Bali Will Shut off Mobile Internet on Saturday for New Year Celebrations
There will be no mobile Internet services on Bali this Saturday, as providers will be switching off services for one whole day to mark the Indonesian island’s 'Day of Silence'.
Saturday is Nyepi, or New Year, in line with the ancient Balinese calendar. This is a sacred day of reflection on the island which is majority Hindu. The international airport will also be closed.
This year the authorities have asked telecommunications companies to switch off as well and Bali firms have promised to abide by this request. Civil and religious groups put forward an appeal and the plan was announced after a meeting at the ministry in Jakarta.
The same request was denied last year. Therefore, this will be the first time internet services will be shut down in Bali for Nyepi.
Wifi available at hotels
WiFi connection, however, will still be available at hotels. Services such as security, aviation, hospitals and disaster agencies, which have vital importance, will still be running. The Indonesian Internet Service Provider Association is still considering whether WiFi at private residences will be off on Saturday. Phone and SMS services will still operate.
Indonesia has more than 132 million active internet users. This makes it one of the most connected nations in the world. About 29 percent of the country’s population reached the Internet from their mobile phones in 2017.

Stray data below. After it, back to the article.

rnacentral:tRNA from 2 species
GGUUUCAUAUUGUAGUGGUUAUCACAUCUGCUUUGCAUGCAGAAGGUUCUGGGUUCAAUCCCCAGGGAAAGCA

Switching off the Internet services during Nyepi is seen as a sign of respect, as Nyepi is a time when the people of Bali are expected to be quiet, reflect, and refrain from work and travel. Many Hindu people are addicted to gadgets, according to the Indonesian Hinduism Society chief Gusti Ngurah Sudiana.
“I hope during Nyepi they can be introspective,” he said.
"If the internet is disconnected, people will not die," Made Pastika, the governor of Bali, joked. "I will turn off my gadgets during Nyepi."
Perform purification rituals
In the days leading up to Nyepi, Balinese perform traditional rituals which are meant to purify. There are thousands of giant effigies called 'Ogoh-ogoh' and they parade through the streets. Dramatic and magnanimous ceremonies are held. On the day itself, observers obey the four prohibitions. These are no fire, no travel, no activity and no entertainment.
The effigies symbolize demons and would usually be set on fire at the end of the parade. The Balinese believe that spirits go around the island on Nyepi. People must, therefore, stay quiet and avoid lighting fires. They should even refrain from turning on the lights, so they would not be attracting the demons.
The day after Nyepi is observed as New Year's Day. On this day, young unmarried people would perform the “Omed-omedan” or "kissing ritual" Nyepi is not voluntary or only followed by Hindu residents. Travelers and tourists on the island are expected to obey it as well. The pecalang, that is the local authorities, will be enforcing the rules of Nyepi. However, emergency service workers will be able to operate during these 24 hours.
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